The Inefficiency of Refinancing: Why Prepayment Penalties Are Good for Risky Borrowers
AbstractThis paper explores the practice of mortgage refinancing in a dynamic competitive lending model with risky borrowers and costly default. We show that the prepayment penalties are welfare improving, and that they are more beneficial to borrowers with higher risk of default. The empirical evidence supports the assumptions and predictions of the model, including higher sensitivity of refinancing decisions of more risky borrowers with respect to the ex-post changes in their creditworthiness and that, conditional on the borrower's type, the mortgages with prepayment penalties have lower premia, the more so the more risky is the borrower. These results suggest that the legislation banning refinancing penalties might have unintended consequences. Instead of protecting would-be homeowners from predatory lending, the new law might end up protecting them from credit.
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Bibliographic InfoPaper provided by Society for Economic Dynamics in its series 2008 Meeting Papers with number 998.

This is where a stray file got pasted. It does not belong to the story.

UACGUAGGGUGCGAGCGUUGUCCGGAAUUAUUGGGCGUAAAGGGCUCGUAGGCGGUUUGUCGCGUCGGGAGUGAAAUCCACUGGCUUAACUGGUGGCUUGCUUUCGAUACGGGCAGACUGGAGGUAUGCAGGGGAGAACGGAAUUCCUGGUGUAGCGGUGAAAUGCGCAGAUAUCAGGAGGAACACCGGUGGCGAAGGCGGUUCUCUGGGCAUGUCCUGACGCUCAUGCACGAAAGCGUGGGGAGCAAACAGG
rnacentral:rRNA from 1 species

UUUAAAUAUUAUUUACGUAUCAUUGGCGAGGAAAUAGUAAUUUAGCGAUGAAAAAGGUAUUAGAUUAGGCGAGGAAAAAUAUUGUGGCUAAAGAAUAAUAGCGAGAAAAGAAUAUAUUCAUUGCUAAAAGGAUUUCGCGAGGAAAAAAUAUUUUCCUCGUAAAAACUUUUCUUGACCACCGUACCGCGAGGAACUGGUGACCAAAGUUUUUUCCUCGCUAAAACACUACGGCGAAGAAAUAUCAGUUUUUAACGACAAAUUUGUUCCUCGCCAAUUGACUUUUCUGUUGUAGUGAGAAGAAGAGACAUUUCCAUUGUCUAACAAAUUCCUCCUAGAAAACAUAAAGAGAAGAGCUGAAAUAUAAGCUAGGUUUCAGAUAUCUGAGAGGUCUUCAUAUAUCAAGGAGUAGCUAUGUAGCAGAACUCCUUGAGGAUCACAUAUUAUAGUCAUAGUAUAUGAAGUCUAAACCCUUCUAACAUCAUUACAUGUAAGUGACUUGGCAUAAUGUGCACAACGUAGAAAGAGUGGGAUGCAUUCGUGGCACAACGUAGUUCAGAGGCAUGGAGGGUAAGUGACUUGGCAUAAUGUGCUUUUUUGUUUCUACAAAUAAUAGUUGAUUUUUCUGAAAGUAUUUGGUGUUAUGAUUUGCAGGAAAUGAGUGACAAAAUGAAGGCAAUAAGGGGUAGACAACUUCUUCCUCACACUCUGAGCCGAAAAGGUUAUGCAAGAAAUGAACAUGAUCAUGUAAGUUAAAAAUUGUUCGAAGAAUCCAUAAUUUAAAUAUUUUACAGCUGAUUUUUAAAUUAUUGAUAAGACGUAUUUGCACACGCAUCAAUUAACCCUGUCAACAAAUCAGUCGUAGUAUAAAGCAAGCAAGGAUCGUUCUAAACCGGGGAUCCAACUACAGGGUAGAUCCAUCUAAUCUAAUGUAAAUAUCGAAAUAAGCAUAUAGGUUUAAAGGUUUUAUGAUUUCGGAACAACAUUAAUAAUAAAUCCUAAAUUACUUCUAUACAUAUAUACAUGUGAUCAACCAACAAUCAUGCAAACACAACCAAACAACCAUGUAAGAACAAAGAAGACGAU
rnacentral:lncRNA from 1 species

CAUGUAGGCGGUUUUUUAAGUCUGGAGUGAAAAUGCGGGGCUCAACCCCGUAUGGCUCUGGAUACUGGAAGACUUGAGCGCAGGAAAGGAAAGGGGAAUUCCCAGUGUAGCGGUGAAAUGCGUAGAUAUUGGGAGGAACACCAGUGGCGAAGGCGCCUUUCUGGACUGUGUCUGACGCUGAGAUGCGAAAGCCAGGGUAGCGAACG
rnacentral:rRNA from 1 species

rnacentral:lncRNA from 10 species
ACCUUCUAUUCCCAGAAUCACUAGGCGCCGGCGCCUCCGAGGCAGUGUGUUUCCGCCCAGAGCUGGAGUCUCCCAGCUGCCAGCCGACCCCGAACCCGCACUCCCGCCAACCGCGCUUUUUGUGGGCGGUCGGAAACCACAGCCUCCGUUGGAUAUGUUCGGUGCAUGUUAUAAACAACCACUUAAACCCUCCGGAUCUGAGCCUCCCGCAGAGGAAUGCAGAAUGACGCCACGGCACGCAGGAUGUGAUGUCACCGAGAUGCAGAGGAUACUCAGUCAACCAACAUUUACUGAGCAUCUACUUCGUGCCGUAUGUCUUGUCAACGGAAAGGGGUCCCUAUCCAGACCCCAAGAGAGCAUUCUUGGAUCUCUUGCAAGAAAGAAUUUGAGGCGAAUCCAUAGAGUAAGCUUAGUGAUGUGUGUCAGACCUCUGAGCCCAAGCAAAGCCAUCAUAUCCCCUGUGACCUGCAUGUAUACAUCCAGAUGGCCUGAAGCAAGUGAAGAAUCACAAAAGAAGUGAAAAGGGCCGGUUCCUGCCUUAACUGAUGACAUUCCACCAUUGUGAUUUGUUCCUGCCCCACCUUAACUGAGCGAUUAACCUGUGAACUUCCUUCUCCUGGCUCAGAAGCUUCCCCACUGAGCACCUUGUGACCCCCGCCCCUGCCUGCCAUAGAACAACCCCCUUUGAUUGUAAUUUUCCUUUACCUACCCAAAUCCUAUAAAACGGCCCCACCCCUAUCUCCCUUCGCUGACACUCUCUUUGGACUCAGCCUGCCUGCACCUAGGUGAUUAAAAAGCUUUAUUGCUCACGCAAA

Date of creation: 2008
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Postal: Society for Economic Dynamics Christian Zimmermann Economic Research Federal Reserve Bank of St. Louis PO Box 442 St. Louis MO 63166-0442 USA
Web page: http://www.EconomicDynamics.org/society.htm
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- Christopher J. Mayer & Karen M. Pence & Shane M. Sherlund, 2008. "The rise in mortgage defaults," Finance and Economics Discussion Series 2008-59, Board of Governors of the Federal Reserve System (U.S.).
- Bucks, Brian & Pence, Karen, 2008. "Do borrowers know their mortgage terms?," Journal of Urban Economics, Elsevier, vol. 64(2), pages 218-233, September.
- Michael Spence & Patricia Clarke Annez & Robert M. Buckley, 2009. "Urbanization and Growth : Commission on Growth and Development," World Bank Publications, The World Bank, number 2582, October.
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